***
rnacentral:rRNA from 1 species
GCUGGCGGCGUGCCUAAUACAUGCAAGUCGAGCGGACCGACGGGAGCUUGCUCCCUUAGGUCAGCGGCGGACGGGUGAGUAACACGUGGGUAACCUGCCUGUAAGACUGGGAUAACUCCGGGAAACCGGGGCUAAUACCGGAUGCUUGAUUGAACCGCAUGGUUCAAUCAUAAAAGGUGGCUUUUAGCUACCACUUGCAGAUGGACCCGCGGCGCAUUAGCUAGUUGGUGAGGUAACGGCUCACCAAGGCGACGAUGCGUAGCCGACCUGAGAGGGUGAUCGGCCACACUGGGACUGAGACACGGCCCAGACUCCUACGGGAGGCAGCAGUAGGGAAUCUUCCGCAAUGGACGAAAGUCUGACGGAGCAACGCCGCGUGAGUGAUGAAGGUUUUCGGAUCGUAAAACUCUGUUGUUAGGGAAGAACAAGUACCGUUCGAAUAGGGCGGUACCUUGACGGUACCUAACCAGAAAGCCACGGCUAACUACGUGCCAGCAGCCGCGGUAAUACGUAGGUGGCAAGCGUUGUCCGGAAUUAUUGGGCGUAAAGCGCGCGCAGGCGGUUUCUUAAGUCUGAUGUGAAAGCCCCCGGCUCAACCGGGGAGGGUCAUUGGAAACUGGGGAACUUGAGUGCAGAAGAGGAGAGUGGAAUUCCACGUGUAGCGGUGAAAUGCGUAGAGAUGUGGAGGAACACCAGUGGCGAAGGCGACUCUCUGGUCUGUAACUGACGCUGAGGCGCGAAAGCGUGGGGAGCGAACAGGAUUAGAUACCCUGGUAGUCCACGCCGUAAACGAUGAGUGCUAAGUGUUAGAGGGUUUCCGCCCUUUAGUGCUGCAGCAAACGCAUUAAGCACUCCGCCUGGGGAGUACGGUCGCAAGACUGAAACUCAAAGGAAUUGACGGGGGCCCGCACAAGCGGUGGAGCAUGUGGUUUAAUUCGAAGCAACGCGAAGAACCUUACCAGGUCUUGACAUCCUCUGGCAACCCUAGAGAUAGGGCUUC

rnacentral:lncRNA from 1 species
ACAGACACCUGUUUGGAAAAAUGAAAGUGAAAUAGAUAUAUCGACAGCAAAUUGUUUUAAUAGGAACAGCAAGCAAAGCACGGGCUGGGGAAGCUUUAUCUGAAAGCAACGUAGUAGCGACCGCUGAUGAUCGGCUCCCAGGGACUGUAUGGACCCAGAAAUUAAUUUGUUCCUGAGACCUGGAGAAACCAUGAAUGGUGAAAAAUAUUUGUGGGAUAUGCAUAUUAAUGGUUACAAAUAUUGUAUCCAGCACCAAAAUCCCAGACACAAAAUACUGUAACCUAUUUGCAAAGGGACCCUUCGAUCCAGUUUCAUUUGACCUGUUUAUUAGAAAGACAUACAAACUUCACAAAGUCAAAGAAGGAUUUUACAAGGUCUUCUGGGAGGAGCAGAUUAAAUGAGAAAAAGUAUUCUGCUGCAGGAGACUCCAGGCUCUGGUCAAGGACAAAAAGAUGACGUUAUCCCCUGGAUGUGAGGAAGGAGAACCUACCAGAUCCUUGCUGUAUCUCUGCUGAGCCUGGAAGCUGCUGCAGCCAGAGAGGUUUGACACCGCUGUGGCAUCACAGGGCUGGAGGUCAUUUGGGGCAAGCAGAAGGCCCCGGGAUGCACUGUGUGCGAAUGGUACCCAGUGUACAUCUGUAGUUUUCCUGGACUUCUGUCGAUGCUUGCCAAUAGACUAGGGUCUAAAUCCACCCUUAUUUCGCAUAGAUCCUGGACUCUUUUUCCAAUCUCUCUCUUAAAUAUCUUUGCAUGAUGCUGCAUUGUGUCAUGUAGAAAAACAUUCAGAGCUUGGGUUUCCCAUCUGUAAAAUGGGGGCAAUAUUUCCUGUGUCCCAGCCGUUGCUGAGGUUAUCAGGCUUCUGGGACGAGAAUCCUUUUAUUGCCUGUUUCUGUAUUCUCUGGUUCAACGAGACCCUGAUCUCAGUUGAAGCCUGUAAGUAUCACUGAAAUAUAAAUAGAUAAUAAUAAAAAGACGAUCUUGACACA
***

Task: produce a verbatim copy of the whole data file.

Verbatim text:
rnacentral:rRNA from 1 species
GCUGGCGGCGUGCCUAAUACAUGCAAGUCGAGCGGACCGACGGGAGCUUGCUCCCUUAGGUCAGCGGCGGACGGGUGAGUAACACGUGGGUAACCUGCCUGUAAGACUGGGAUAACUCCGGGAAACCGGGGCUAAUACCGGAUGCUUGAUUGAACCGCAUGGUUCAAUCAUAAAAGGUGGCUUUUAGCUACCACUUGCAGAUGGACCCGCGGCGCAUUAGCUAGUUGGUGAGGUAACGGCUCACCAAGGCGACGAUGCGUAGCCGACCUGAGAGGGUGAUCGGCCACACUGGGACUGAGACACGGCCCAGACUCCUACGGGAGGCAGCAGUAGGGAAUCUUCCGCAAUGGACGAAAGUCUGACGGAGCAACGCCGCGUGAGUGAUGAAGGUUUUCGGAUCGUAAAACUCUGUUGUUAGGGAAGAACAAGUACCGUUCGAAUAGGGCGGUACCUUGACGGUACCUAACCAGAAAGCCACGGCUAACUACGUGCCAGCAGCCGCGGUAAUACGUAGGUGGCAAGCGUUGUCCGGAAUUAUUGGGCGUAAAGCGCGCGCAGGCGGUUUCUUAAGUCUGAUGUGAAAGCCCCCGGCUCAACCGGGGAGGGUCAUUGGAAACUGGGGAACUUGAGUGCAGAAGAGGAGAGUGGAAUUCCACGUGUAGCGGUGAAAUGCGUAGAGAUGUGGAGGAACACCAGUGGCGAAGGCGACUCUCUGGUCUGUAACUGACGCUGAGGCGCGAAAGCGUGGGGAGCGAACAGGAUUAGAUACCCUGGUAGUCCACGCCGUAAACGAUGAGUGCUAAGUGUUAGAGGGUUUCCGCCCUUUAGUGCUGCAGCAAACGCAUUAAGCACUCCGCCUGGGGAGUACGGUCGCAAGACUGAAACUCAAAGGAAUUGACGGGGGCCCGCACAAGCGGUGGAGCAUGUGGUUUAAUUCGAAGCAACGCGAAGAACCUUACCAGGUCUUGACAUCCUCUGGCAACCCUAGAGAUAGGGCUUC

rnacentral:lncRNA from 1 species
ACAGACACCUGUUUGGAAAAAUGAAAGUGAAAUAGAUAUAUCGACAGCAAAUUGUUUUAAUAGGAACAGCAAGCAAAGCACGGGCUGGGGAAGCUUUAUCUGAAAGCAACGUAGUAGCGACCGCUGAUGAUCGGCUCCCAGGGACUGUAUGGACCCAGAAAUUAAUUUGUUCCUGAGACCUGGAGAAACCAUGAAUGGUGAAAAAUAUUUGUGGGAUAUGCAUAUUAAUGGUUACAAAUAUUGUAUCCAGCACCAAAAUCCCAGACACAAAAUACUGUAACCUAUUUGCAAAGGGACCCUUCGAUCCAGUUUCAUUUGACCUGUUUAUUAGAAAGACAUACAAACUUCACAAAGUCAAAGAAGGAUUUUACAAGGUCUUCUGGGAGGAGCAGAUUAAAUGAGAAAAAGUAUUCUGCUGCAGGAGACUCCAGGCUCUGGUCAAGGACAAAAAGAUGACGUUAUCCCCUGGAUGUGAGGAAGGAGAACCUACCAGAUCCUUGCUGUAUCUCUGCUGAGCCUGGAAGCUGCUGCAGCCAGAGAGGUUUGACACCGCUGUGGCAUCACAGGGCUGGAGGUCAUUUGGGGCAAGCAGAAGGCCCCGGGAUGCACUGUGUGCGAAUGGUACCCAGUGUACAUCUGUAGUUUUCCUGGACUUCUGUCGAUGCUUGCCAAUAGACUAGGGUCUAAAUCCACCCUUAUUUCGCAUAGAUCCUGGACUCUUUUUCCAAUCUCUCUCUUAAAUAUCUUUGCAUGAUGCUGCAUUGUGUCAUGUAGAAAAACAUUCAGAGCUUGGGUUUCCCAUCUGUAAAAUGGGGGCAAUAUUUCCUGUGUCCCAGCCGUUGCUGAGGUUAUCAGGCUUCUGGGACGAGAAUCCUUUUAUUGCCUGUUUCUGUAUUCUCUGGUUCAACGAGACCCUGAUCUCAGUUGAAGCCUGUAAGUAUCACUGAAAUAUAAAUAGAUAAUAAUAAAAAGACGAUCUUGACACA